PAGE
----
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Mar 11

On Thunder Beings and The Trees that connect Earth and Sky

I would climb up in the great big sycamore next to the blighted willow who’s stump was all my father left standing in the yard after he cut her down. The tire swing hung from her arm when I was very little, too small to climb, I would let her wispy drapes tickle my nose, her cascading leaves brought welcome shade in summer’s hottest hours. After she died, I took to the nearest elder, Sycamore had stood tall for a long time. His patchy bark had many smooth places for a child’s legs and arms to wrap around, the climb up was tricky, but strong branches held me safely and I could go so high up. Months and ants lived under the loose bark on the trunk. I would leave bone offerings to the tree for protection. Sometimes I would take the mice from traps in the house and hang them from the lowest branches to keep away evil spirits. I don’t know where these rituals came from, only that I knew they were to keep bad things away. At the top of the tree wind would do her best to shake me out of the branches, but I would sway with the entire tree and feel right at home rocking back and forth through an afternoon watching the horizon dip and spin in the distance. During violent thunderstorms, I would not go up in my Sycamore. Thunder beings were not to be trifled with. They were beautiful and hideous at the same time. One moment the sky would light up with white dragons ripping across billowing black mountains in the havens, in the very next instant, many time, simultaneously, the thunderous roar of raging tempests slammed my pounding heart through the back of my chest! I would watch storms from my bedroom window at night. In darkness, you cannot see a storm coming, you her it, or see the flashes in the distance if you’re already awake from the electricity in the air. That electric energy is still with me whenever I have to sit somewhere for a long time. It’s a wrestles feeling, like the grass always moving in the wind. When things get calm, it signals the approaching storm. This itching is ingrained in my frame, every bone feels it when the whether changes. As a child I would always worry about where the animals were during bad storms. I wondered where the birds would hide during a tornado. I still have nightmares about spinning wind towers.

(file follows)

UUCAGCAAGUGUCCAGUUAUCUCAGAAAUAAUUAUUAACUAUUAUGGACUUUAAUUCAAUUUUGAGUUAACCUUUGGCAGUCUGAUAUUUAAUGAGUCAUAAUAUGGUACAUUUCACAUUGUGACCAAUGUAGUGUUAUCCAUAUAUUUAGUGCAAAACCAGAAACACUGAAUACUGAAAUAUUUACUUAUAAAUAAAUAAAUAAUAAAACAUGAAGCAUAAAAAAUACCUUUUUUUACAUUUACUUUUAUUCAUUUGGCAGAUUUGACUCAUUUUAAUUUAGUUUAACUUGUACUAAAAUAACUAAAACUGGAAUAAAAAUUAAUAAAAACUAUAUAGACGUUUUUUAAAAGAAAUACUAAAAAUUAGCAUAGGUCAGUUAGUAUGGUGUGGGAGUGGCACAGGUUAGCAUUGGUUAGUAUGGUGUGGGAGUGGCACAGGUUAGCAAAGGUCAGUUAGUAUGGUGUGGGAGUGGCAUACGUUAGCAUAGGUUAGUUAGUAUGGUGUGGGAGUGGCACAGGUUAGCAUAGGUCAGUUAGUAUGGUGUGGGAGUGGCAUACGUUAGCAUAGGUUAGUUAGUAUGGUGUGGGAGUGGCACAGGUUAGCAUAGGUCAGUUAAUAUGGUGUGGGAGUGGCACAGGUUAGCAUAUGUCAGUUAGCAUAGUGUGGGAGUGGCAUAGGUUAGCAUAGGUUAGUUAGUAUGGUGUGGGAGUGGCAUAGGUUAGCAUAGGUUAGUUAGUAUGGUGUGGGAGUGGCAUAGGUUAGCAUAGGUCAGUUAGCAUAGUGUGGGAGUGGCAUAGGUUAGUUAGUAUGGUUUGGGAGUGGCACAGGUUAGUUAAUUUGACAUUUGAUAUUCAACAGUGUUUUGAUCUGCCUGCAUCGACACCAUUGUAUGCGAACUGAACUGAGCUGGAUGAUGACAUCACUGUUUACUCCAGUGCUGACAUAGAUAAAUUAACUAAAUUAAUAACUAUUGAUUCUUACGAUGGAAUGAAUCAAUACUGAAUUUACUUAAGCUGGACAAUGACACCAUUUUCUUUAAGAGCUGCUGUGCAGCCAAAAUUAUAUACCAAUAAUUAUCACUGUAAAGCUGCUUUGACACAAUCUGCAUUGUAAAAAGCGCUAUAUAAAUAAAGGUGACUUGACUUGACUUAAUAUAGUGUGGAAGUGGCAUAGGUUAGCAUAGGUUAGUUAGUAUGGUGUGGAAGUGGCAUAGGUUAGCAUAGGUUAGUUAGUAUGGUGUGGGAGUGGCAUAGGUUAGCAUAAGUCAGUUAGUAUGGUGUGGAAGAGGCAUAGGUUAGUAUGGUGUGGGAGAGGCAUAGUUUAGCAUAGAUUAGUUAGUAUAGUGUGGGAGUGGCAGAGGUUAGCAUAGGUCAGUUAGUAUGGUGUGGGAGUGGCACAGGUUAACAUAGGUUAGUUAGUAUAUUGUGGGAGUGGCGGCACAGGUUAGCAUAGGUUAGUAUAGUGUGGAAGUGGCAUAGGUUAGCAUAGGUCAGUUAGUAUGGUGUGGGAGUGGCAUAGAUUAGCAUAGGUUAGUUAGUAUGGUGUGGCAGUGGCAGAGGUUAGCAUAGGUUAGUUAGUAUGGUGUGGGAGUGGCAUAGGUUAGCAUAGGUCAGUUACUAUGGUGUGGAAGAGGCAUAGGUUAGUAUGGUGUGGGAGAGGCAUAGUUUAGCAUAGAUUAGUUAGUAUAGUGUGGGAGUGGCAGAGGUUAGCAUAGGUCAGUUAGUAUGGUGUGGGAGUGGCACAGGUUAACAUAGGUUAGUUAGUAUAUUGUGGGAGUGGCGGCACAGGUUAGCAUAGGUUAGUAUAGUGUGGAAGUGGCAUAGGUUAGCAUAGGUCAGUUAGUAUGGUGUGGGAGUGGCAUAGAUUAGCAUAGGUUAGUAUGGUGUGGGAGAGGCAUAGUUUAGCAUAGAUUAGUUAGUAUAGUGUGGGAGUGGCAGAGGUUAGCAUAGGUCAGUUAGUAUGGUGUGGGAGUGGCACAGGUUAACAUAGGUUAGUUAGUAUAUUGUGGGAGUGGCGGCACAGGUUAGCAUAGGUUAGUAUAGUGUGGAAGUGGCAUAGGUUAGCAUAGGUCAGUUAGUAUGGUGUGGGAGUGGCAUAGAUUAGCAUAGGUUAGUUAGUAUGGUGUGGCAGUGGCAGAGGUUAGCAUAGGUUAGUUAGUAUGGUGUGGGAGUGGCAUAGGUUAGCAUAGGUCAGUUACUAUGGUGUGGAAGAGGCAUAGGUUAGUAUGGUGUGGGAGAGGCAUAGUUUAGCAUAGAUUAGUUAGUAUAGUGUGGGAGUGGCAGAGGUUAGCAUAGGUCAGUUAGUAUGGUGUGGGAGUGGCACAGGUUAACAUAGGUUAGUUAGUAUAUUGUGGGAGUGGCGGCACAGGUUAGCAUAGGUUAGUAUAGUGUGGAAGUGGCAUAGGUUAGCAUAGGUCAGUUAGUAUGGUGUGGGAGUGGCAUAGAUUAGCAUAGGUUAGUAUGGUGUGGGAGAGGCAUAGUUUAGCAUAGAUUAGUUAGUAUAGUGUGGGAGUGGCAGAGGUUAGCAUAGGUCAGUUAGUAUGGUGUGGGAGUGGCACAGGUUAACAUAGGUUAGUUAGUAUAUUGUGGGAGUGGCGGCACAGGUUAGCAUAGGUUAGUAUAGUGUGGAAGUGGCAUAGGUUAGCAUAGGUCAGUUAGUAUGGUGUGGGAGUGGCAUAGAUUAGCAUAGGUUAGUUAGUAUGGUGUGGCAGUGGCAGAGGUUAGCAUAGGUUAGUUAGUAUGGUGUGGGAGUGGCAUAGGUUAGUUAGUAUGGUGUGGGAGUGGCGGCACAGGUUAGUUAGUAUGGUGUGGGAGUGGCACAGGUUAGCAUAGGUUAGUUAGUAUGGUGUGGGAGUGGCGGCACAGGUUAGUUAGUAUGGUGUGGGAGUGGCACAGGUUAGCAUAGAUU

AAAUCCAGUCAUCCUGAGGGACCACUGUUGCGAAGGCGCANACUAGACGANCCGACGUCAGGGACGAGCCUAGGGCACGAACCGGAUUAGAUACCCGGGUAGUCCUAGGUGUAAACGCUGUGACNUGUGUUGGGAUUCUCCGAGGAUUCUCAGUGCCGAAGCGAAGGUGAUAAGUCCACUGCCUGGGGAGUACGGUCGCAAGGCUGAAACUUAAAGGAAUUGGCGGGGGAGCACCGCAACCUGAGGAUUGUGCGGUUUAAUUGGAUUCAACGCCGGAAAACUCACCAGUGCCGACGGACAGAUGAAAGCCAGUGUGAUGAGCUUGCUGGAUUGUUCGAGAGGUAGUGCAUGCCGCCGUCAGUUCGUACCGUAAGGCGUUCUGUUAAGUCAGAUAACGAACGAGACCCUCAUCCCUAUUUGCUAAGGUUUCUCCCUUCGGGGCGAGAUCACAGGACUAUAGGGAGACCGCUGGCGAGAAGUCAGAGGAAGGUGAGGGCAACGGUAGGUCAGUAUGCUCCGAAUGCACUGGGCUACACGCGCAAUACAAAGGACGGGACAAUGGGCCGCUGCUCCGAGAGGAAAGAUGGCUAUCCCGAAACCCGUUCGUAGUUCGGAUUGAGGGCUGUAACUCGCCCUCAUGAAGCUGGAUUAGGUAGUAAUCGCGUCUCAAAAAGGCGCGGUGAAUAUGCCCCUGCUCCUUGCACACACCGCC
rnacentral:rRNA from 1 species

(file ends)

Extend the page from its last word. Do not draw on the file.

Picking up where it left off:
by Liz Crain

Permanent link to this article: http://amphibiographer.tv/get_wet/2013/03/on-thunder-beings-and-the-trees-that-connect-earth-and-sky/

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